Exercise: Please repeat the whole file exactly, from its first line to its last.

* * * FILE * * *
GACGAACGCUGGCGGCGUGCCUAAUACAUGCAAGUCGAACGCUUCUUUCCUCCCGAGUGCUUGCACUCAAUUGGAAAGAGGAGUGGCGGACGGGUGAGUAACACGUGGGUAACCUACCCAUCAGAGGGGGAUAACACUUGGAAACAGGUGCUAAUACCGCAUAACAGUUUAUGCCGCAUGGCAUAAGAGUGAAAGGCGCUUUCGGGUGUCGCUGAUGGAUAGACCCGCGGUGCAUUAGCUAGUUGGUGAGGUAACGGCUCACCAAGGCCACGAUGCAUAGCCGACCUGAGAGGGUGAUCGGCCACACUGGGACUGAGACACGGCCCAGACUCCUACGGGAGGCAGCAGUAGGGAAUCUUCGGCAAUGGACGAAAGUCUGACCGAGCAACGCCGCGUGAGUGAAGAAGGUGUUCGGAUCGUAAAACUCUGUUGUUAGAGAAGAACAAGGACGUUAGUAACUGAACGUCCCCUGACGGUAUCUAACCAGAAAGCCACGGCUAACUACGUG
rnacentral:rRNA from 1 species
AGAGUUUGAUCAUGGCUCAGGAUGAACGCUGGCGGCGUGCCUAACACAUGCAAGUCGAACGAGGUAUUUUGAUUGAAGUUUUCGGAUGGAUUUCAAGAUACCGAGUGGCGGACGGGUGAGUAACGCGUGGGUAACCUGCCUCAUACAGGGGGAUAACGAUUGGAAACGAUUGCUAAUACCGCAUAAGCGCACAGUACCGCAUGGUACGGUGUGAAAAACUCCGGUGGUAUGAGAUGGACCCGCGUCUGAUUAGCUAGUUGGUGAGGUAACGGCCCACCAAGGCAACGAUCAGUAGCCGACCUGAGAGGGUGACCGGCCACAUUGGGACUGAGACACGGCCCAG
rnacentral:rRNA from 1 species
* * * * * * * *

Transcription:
GACGAACGCUGGCGGCGUGCCUAAUACAUGCAAGUCGAACGCUUCUUUCCUCCCGAGUGCUUGCACUCAAUUGGAAAGAGGAGUGGCGGACGGGUGAGUAACACGUGGGUAACCUACCCAUCAGAGGGGGAUAACACUUGGAAACAGGUGCUAAUACCGCAUAACAGUUUAUGCCGCAUGGCAUAAGAGUGAAAGGCGCUUUCGGGUGUCGCUGAUGGAUAGACCCGCGGUGCAUUAGCUAGUUGGUGAGGUAACGGCUCACCAAGGCCACGAUGCAUAGCCGACCUGAGAGGGUGAUCGGCCACACUGGGACUGAGACACGGCCCAGACUCCUACGGGAGGCAGCAGUAGGGAAUCUUCGGCAAUGGACGAAAGUCUGACCGAGCAACGCCGCGUGAGUGAAGAAGGUGUUCGGAUCGUAAAACUCUGUUGUUAGAGAAGAACAAGGACGUUAGUAACUGAACGUCCCCUGACGGUAUCUAACCAGAAAGCCACGGCUAACUACGUG
rnacentral:rRNA from 1 species
AGAGUUUGAUCAUGGCUCAGGAUGAACGCUGGCGGCGUGCCUAACACAUGCAAGUCGAACGAGGUAUUUUGAUUGAAGUUUUCGGAUGGAUUUCAAGAUACCGAGUGGCGGACGGGUGAGUAACGCGUGGGUAACCUGCCUCAUACAGGGGGAUAACGAUUGGAAACGAUUGCUAAUACCGCAUAAGCGCACAGUACCGCAUGGUACGGUGUGAAAAACUCCGGUGGUAUGAGAUGGACCCGCGUCUGAUUAGCUAGUUGGUGAGGUAACGGCCCACCAAGGCAACGAUCAGUAGCCGACCUGAGAGGGUGACCGGCCACAUUGGGACUGAGACACGGCCCAG
rnacentral:rRNA from 1 species